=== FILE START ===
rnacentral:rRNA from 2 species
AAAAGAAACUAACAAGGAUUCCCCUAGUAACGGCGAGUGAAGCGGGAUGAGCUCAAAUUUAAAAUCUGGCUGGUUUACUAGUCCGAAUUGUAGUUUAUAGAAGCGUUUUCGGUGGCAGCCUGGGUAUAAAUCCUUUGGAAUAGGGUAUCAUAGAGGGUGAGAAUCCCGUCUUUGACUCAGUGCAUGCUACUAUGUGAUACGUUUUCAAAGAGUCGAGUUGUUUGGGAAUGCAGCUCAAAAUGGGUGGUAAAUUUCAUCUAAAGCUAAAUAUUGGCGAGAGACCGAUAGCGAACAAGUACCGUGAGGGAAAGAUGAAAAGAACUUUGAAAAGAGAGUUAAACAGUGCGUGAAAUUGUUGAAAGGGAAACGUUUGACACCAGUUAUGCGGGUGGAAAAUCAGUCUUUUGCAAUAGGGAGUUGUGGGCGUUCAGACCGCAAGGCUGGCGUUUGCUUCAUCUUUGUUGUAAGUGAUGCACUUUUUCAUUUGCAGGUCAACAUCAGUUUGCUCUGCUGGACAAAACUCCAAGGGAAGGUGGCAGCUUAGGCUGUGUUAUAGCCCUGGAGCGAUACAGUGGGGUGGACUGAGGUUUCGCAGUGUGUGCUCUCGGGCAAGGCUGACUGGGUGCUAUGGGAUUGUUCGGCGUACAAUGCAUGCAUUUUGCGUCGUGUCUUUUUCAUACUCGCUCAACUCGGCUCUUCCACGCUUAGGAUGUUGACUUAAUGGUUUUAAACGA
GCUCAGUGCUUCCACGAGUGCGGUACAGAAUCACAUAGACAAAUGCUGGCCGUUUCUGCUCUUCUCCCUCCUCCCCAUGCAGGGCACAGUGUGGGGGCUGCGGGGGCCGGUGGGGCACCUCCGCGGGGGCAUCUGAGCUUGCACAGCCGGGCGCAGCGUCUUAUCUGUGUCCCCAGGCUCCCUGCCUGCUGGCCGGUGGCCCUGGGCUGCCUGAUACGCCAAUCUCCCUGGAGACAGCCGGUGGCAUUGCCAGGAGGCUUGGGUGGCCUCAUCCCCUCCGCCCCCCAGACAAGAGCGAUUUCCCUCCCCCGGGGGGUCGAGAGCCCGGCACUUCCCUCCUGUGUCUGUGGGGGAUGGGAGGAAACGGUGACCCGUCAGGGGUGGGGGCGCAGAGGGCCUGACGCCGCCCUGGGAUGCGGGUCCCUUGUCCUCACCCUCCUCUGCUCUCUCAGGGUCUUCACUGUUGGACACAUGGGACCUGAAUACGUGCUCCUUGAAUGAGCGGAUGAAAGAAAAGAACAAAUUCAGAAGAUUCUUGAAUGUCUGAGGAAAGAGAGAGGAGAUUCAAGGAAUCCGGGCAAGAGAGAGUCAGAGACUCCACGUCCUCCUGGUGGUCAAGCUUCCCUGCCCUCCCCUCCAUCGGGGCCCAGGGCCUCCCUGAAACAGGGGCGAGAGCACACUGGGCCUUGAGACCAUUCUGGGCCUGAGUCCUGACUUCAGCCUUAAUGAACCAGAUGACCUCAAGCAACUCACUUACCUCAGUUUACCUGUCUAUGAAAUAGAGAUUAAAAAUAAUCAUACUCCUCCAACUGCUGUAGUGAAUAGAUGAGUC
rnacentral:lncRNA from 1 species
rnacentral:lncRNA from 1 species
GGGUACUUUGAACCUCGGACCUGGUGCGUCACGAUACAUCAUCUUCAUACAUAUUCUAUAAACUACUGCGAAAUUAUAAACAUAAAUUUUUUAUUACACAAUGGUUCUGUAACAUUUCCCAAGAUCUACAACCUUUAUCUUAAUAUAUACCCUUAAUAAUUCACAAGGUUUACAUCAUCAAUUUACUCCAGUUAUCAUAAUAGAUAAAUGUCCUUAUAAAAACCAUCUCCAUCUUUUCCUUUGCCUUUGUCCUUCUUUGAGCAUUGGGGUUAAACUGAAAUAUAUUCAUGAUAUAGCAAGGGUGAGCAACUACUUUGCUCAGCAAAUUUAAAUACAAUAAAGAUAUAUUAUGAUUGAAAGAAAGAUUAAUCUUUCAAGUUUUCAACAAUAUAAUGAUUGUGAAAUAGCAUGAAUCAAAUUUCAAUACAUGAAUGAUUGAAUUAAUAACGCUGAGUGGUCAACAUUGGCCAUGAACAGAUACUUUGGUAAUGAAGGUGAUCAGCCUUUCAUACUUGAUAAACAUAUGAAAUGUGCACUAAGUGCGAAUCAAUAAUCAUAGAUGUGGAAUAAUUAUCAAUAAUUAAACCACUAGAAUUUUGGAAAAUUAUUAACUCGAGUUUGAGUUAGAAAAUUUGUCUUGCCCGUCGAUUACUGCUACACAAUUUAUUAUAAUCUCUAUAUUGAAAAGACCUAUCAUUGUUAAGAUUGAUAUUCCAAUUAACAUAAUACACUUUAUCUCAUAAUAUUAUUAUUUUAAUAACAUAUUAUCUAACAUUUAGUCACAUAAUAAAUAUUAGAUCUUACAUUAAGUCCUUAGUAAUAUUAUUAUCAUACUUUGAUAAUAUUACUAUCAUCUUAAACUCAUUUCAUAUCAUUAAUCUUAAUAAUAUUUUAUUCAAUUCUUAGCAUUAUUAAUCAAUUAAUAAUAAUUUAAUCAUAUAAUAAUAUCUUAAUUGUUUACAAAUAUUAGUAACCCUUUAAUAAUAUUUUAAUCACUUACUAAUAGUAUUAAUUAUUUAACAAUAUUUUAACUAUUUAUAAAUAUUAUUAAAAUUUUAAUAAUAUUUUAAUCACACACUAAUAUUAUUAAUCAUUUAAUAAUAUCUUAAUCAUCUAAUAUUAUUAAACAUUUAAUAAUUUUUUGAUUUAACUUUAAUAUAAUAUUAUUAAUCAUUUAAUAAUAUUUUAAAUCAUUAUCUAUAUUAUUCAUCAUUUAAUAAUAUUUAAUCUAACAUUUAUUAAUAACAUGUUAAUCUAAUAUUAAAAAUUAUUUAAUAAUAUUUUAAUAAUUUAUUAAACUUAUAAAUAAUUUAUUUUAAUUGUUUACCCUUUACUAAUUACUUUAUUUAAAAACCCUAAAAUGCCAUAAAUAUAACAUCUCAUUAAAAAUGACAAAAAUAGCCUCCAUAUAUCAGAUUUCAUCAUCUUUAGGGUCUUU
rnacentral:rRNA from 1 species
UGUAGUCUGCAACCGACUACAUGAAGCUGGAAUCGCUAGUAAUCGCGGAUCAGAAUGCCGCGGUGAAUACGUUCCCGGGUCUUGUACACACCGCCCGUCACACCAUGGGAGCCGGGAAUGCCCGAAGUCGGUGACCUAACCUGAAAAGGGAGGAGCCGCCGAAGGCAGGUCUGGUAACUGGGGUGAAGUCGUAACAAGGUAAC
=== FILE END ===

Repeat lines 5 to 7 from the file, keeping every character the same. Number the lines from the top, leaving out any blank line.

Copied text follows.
rnacentral:lncRNA from 1 species
GGGUACUUUGAACCUCGGACCUGGUGCGUCACGAUACAUCAUCUUCAUACAUAUUCUAUAAACUACUGCGAAAUUAUAAACAUAAAUUUUUUAUUACACAAUGGUUCUGUAACAUUUCCCAAGAUCUACAACCUUUAUCUUAAUAUAUACCCUUAAUAAUUCACAAGGUUUACAUCAUCAAUUUACUCCAGUUAUCAUAAUAGAUAAAUGUCCUUAUAAAAACCAUCUCCAUCUUUUCCUUUGCCUUUGUCCUUCUUUGAGCAUUGGGGUUAAACUGAAAUAUAUUCAUGAUAUAGCAAGGGUGAGCAACUACUUUGCUCAGCAAAUUUAAAUACAAUAAAGAUAUAUUAUGAUUGAAAGAAAGAUUAAUCUUUCAAGUUUUCAACAAUAUAAUGAUUGUGAAAUAGCAUGAAUCAAAUUUCAAUACAUGAAUGAUUGAAUUAAUAACGCUGAGUGGUCAACAUUGGCCAUGAACAGAUACUUUGGUAAUGAAGGUGAUCAGCCUUUCAUACUUGAUAAACAUAUGAAAUGUGCACUAAGUGCGAAUCAAUAAUCAUAGAUGUGGAAUAAUUAUCAAUAAUUAAACCACUAGAAUUUUGGAAAAUUAUUAACUCGAGUUUGAGUUAGAAAAUUUGUCUUGCCCGUCGAUUACUGCUACACAAUUUAUUAUAAUCUCUAUAUUGAAAAGACCUAUCAUUGUUAAGAUUGAUAUUCCAAUUAACAUAAUACACUUUAUCUCAUAAUAUUAUUAUUUUAAUAACAUAUUAUCUAACAUUUAGUCACAUAAUAAAUAUUAGAUCUUACAUUAAGUCCUUAGUAAUAUUAUUAUCAUACUUUGAUAAUAUUACUAUCAUCUUAAACUCAUUUCAUAUCAUUAAUCUUAAUAAUAUUUUAUUCAAUUCUUAGCAUUAUUAAUCAAUUAAUAAUAAUUUAAUCAUAUAAUAAUAUCUUAAUUGUUUACAAAUAUUAGUAACCCUUUAAUAAUAUUUUAAUCACUUACUAAUAGUAUUAAUUAUUUAACAAUAUUUUAACUAUUUAUAAAUAUUAUUAAAAUUUUAAUAAUAUUUUAAUCACACACUAAUAUUAUUAAUCAUUUAAUAAUAUCUUAAUCAUCUAAUAUUAUUAAACAUUUAAUAAUUUUUUGAUUUAACUUUAAUAUAAUAUUAUUAAUCAUUUAAUAAUAUUUUAAAUCAUUAUCUAUAUUAUUCAUCAUUUAAUAAUAUUUAAUCUAACAUUUAUUAAUAACAUGUUAAUCUAAUAUUAAAAAUUAUUUAAUAAUAUUUUAAUAAUUUAUUAAACUUAUAAAUAAUUUAUUUUAAUUGUUUACCCUUUACUAAUUACUUUAUUUAAAAACCCUAAAAUGCCAUAAAUAUAACAUCUCAUUAAAAAUGACAAAAAUAGCCUCCAUAUAUCAGAUUUCAUCAUCUUUAGGGUCUUU
rnacentral:rRNA from 1 species